How long can anyone keep up such a demanding schedule for almost no monetary compensation before they burn out?
everal years ago, when my oldest children started shidduchim, I noticed right away that shadchanim are quite hard to reach. I’d leave a message; they wouldn’t call back. I’d try again. And again.
It wasn’t that they were ignoring me. When I went to meet them in person, the reason was evident — their phones are ringing off the hook. People call shadchanim nonstop, and these dedicated people can barely catch their breath trying to keep up with the calls.
The recent article about shadchanim (“Playing with Matches,” Issue #931) brought to light one important but often-overlooked aspect of their job: Our shadchanim are working around the clock, and most of it is pro bono. Think for a moment about how many hours of effort are invested before a couple even goes out. The shadchan meets the boy or girl, speaks to the parents, combs through a database, makes calls back and forth… And then, if it doesn’t work out — which, statistically speaking, it usually doesn’t — all they get for their efforts is a thank-you.
Yes, our shadchanim are doing this because they’re driven to help Klal Yisrael. But how long can anyone keep up such a demanding schedule for almost no monetary compensation before they burn out? Furthermore, the way our system is set up now, with shadchanim getting paid only when a shidduch is successful, it’s in a shadchan’s best interest to work harder for wealthy girls.
Shadchanim are public servants working on behalf of the klal, no different from someone who works for a yeshivah, Hatzalah, or Bonei Olam. We all understand that these people deserve salaries. (Imagine predicating payment to employees of a fertility organization on whether or not a baby is born!) Why should shadchanim be any different?
About a year ago, I decided to start an initiative to provide salaries for shadchanim. My oldest child had recently gotten married; I felt such hakaras hatov to HaKadosh Baruch Hu that I wanted to do something to help those who were struggling to even get a date. I realized that if we want to provide an incentive for our best shadchanim to keep working their hardest, we need to do something about paying them on a more consistent basis.
I joined forces with Kesher, a Lakewood-based organization that promotes shidduchim by bringing shadchanim together for regular information-sharing and brainstorming meetings. They were already paying these shadchanim a stipend. I approached them and said, “I’m going to up this. Let’s make this into a more respectable salary.”
My idea was to bring together some of our best shadchanim and pay them a salary to put in their best efforts doing what they’re good at — making shidduchim in Klal Yisrael. Volunteers are nice up to a point, but if you want hard-working people to truly devote themselves to a cause, you need to compensate them. That, together with shadchanus, can earn them a respectable parnassah.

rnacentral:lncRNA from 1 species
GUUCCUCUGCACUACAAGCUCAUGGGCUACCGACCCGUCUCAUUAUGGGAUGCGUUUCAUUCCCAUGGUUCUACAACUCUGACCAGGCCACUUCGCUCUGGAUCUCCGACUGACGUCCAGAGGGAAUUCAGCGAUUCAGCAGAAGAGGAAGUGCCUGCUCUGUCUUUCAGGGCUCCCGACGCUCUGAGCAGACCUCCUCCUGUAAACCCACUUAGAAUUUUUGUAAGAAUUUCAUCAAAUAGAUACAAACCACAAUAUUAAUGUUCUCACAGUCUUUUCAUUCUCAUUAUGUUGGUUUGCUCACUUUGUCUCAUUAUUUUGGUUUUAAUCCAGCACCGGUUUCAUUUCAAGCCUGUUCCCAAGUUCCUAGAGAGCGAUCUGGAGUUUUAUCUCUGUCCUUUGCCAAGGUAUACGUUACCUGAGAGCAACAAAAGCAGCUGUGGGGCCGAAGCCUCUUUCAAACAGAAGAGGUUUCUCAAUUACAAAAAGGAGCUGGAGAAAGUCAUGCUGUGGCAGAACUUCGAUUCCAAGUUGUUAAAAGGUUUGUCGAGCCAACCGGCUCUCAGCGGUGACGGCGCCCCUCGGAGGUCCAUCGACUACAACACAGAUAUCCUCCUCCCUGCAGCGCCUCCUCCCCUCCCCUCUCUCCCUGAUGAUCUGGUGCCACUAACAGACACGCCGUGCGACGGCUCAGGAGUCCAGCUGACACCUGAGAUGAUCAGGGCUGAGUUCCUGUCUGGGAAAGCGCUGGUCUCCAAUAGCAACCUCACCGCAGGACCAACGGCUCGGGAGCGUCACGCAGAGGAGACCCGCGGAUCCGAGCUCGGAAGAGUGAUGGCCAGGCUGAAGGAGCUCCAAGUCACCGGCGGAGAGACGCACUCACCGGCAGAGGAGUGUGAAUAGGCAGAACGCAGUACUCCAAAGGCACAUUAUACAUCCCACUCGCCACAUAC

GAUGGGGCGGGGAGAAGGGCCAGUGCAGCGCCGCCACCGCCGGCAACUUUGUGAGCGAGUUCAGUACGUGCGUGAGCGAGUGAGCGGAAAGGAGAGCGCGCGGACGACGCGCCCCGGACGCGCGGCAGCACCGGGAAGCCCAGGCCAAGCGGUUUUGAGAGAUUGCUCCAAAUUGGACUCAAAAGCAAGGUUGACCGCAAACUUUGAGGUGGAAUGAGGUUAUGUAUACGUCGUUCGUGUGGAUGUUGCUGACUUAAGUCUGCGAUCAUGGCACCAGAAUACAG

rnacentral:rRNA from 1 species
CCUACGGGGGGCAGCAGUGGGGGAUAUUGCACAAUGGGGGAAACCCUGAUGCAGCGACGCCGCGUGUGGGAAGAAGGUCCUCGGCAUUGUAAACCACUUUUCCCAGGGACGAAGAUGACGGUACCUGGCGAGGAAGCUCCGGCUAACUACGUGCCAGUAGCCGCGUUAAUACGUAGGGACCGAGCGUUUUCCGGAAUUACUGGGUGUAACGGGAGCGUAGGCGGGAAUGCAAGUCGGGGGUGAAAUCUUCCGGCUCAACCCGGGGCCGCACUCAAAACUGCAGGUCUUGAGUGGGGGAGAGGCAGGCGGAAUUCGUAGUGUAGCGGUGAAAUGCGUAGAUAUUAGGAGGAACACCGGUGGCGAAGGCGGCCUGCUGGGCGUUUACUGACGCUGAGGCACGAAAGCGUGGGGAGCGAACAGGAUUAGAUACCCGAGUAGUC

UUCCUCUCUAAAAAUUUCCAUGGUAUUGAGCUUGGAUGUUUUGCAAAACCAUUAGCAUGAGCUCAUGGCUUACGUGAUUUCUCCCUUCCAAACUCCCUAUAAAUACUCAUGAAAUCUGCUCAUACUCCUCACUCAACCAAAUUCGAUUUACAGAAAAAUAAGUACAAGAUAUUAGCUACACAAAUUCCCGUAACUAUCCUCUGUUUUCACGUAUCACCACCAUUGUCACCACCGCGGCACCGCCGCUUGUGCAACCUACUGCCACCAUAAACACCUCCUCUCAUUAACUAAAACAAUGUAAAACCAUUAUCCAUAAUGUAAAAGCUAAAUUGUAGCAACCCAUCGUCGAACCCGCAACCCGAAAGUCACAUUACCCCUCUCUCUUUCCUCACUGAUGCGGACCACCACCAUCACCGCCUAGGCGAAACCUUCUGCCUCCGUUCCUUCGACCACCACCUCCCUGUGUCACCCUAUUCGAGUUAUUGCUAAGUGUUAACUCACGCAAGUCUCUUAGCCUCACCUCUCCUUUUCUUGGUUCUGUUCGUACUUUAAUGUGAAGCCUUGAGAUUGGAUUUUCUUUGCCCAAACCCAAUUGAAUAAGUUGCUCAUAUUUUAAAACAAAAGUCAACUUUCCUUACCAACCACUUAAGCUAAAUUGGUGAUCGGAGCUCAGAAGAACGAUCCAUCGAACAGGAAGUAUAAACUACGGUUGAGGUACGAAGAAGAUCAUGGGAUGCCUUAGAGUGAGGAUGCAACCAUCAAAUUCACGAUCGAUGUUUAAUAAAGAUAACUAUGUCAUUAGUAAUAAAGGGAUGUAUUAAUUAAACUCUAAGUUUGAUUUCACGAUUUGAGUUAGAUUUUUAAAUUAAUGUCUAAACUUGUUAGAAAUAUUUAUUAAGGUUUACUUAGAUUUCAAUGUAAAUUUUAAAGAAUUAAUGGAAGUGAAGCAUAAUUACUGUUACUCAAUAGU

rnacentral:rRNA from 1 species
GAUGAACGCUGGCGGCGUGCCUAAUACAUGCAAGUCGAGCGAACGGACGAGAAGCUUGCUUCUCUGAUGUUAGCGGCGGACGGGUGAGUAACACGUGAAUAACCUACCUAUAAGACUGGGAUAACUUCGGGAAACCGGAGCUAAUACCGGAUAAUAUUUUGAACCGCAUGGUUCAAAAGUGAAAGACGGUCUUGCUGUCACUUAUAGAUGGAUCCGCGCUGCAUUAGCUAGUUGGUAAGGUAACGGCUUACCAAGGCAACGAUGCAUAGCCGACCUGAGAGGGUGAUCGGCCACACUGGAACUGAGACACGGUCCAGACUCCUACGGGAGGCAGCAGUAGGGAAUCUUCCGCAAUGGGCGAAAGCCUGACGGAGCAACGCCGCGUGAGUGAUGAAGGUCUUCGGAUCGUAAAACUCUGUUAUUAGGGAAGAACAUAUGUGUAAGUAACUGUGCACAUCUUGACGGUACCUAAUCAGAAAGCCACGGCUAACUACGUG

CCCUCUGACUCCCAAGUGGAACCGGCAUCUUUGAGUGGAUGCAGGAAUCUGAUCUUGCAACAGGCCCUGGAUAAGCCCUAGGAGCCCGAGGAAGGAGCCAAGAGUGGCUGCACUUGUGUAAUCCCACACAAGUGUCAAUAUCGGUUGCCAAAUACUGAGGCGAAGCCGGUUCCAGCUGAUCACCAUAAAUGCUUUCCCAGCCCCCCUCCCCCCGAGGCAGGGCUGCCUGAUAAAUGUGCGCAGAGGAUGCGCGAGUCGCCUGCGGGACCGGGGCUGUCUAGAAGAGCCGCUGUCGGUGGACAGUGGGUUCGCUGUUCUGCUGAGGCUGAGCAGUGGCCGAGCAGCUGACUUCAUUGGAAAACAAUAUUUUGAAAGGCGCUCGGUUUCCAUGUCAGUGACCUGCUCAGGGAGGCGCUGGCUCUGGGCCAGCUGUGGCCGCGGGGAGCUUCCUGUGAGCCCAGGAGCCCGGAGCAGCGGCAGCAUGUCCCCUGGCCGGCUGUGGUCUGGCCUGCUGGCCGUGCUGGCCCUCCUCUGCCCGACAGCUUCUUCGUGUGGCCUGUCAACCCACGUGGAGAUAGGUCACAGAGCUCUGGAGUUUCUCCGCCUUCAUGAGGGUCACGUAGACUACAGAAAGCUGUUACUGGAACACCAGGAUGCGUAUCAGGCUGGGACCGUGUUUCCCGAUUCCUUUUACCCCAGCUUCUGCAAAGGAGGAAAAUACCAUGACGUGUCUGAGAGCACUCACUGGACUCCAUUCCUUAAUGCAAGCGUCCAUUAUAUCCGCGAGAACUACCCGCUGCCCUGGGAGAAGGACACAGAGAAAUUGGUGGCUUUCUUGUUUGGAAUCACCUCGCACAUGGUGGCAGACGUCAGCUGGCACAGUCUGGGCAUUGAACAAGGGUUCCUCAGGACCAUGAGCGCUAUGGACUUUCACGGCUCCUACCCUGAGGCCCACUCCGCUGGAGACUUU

We don’t dictate quotas or apply pressure; we trust them to do what they do best, and support them in that. I fundraise all the money to pay their salaries and overhead costs for office space and administration.
Today, we have 18 shadchanim on our payroll — ten women and eight men — who have regular office hours, four days a week. They meet with girls, discuss ideas with each other, and redt shidduchim. While it’s based in Lakewood, the girls come from all over. As they meet with several shadchanim at a time, their chances of being set up are multiplied. Our male shadchanim are connected with the bochurim in Lakewood and present the boys’ names at regular group meetings.
The feedback from both the shadchanim and the parents has been overwhelming. In the last eight months they’ve made 130 successful shidduchim, and have redt thousands.
The formula is simple: When you empower shadchanim, you empower shidduchim to happen.
The initiative has been such a success that we’re already starting a program in Far Rockaway, and I hope in the future to open a branch in Monsey. Of course, my dream is for this to spread to communities around the world. I believe that this is a model that can work in every neighborhood in the world, as long as you have people willing to put in the work and raise the funds.
There are other communal initiatives to improve compensation for shadchanim; all are great ideas that, if executed well, could be quite effective.
We as a community have a very high stake in improving our shidduch system by upgrading our hishtadlus. One obvious way to do that is by giving our shadchanim — the frontline workers in shidduchim — the financial peace of mind they need to do their jobs properly.
Rabbi Moshe Bender is the segan rosh hayeshivah of Yeshiva Darchei Torah in Far Rockaway, New York, and the founder of Bnos Basya High School in Lakewood. He is actively involved in the Kesher shidduchim organization.
(Originally featured in Mishpacha, Issue 941)
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